Winter has well and truly arrived, along with the sniffles. But before you reach for the medicine, here’s how to help your body fight off bugs the natural way
Winter is a time for snuggly jumpers, mulled wine and… nasty bugs.
People all around you are sniffling and sneezing and it feels like it’s only a matter of time before you’re the one coughing and spluttering.
When colds or flu hit, your first reaction might be to dose up on painkillers and decongestants. If you feel rotten, cold medicines can help to keep you going. But there are plenty of natural ways to banish the bugs.
Here are our top 10 recommendations…
1 Warm drinks
You’ll be happy to know that warm drinks can help to relieve stuffiness and soothe the nose and throat. This includes tea!
But try not to have too much dairy — such as lattes or other drinks made entirely with milk — as it is mucus-forming and inflammatory.
Quest Nutra Pharma nutritionist Alix Woods says: ‘If you have too much dairy it may take longer to shake off that bout of sinus or flu.’
2 Salt water
Gargling with salt water can ease a sore throat. Mix up the solution with a teaspoon of salt dissolved into a pint of previously boiled water that’s been allowed to cool. It’ll help clear mucus and kill germs.
Getting proper rest and staying warm can make a big difference to how quickly you recover. It will allow your body the time and resources to fight off the infection.
Michela Vagnini, nutritionist at Nature’s Plus, says: ‘The sleep-wake cycle regulates the normal functioning of the immune system. Infection-fighting antibodies and cells are reduced when you’re stressed or don’t get enough sleep.’
Put a few slices of raw ginger root in boiling water to soothe a cough or sore throat. Ginger is also a good remedy for nausea, which can be another side effect of flu.
5 Vitamin C
Vitamin C will help your body fight infection. You can get it from limes, oranges, grapefruits, leafy greens and other fruit and veg. But if you don’t fancy eating these things, add fresh lemon juice to hot tea with honey.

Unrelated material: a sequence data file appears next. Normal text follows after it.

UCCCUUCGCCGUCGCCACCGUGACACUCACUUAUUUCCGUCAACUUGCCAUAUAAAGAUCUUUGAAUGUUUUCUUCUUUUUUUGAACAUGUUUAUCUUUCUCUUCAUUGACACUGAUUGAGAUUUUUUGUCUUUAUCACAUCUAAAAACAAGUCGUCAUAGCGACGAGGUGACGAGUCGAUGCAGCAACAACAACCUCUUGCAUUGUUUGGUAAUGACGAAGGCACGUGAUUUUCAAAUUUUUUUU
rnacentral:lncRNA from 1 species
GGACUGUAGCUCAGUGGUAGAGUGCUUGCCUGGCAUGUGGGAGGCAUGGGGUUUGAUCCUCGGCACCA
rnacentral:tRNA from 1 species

‘Vitamin C is the key vitamin in immune response and protection,’ says Michela. ‘It’s one of the most well-established traditional antioxidants. Studies have shown that Vitamin C can help with cold and flu symptoms — specifically one study showed that reported symptoms in the test group decreased 85 per cent after the administration of Vitamin C.’
6 Warm baths
Warm baths or showers will relax you and the steam will ease congestion. For extra help for body aches, add Epsom salt and baking soda, or a few drops of soothing essential oil, such as tea tree, rosemary, thyme, orange or lavender.
7 A hug
You read that correctly! According to Shona Wilkinson, nutritionist at Superfood UK: ‘A hug or passing touch can help decrease the level of the stress hormone cortisol in your body. Cortisol decreases your immune response. So snuggle up and enjoy the immune-boosting properties of a good old cuddle!’ We’re in.
8 Chicken soup
Delicious and soothing, chicken soup is a good shout for when you’re feeling rough. Research suggests that a bowl of chicken soup with vegetables, from a can or prepared from scratch if you have a kind friend or partner, can slow the movement of neutrophils in your body.
Neutrophils are a type of white blood cell that help to defend your body against infection. When they’re moving slowly, they are more concentrated in the areas of your body that require the most healing. Chicken soup also has high nutritional value and helps keep you hydrated.
Flu spreads more easily in dry environments.
‘Studies conducted over the last 70 years showed that homes kept at 40-60 per cent relative humidity — the optimal range — are likely to have fewer flu viruses lingering in the air and on surfaces,’ Michela says. ‘Plus, humidifiers can be a great help in keeping air moist and making it easier to breathe when we have a cold.’
Reduce spreading the virus and nasal inflammation by temporarily adding a cool-mist humidifier to your bedroom. Adding a few drops of eucalyptus oil may also help with breathing. Remember to change the water each day.
You must drink plenty of water. Eight or more 250ml glasses will keep mucous membranes moist and help relieve dry eyes and other common symptoms. Fluids also help to make mucus thinner so that it’s easier to expel.
Edited by Kim Gregory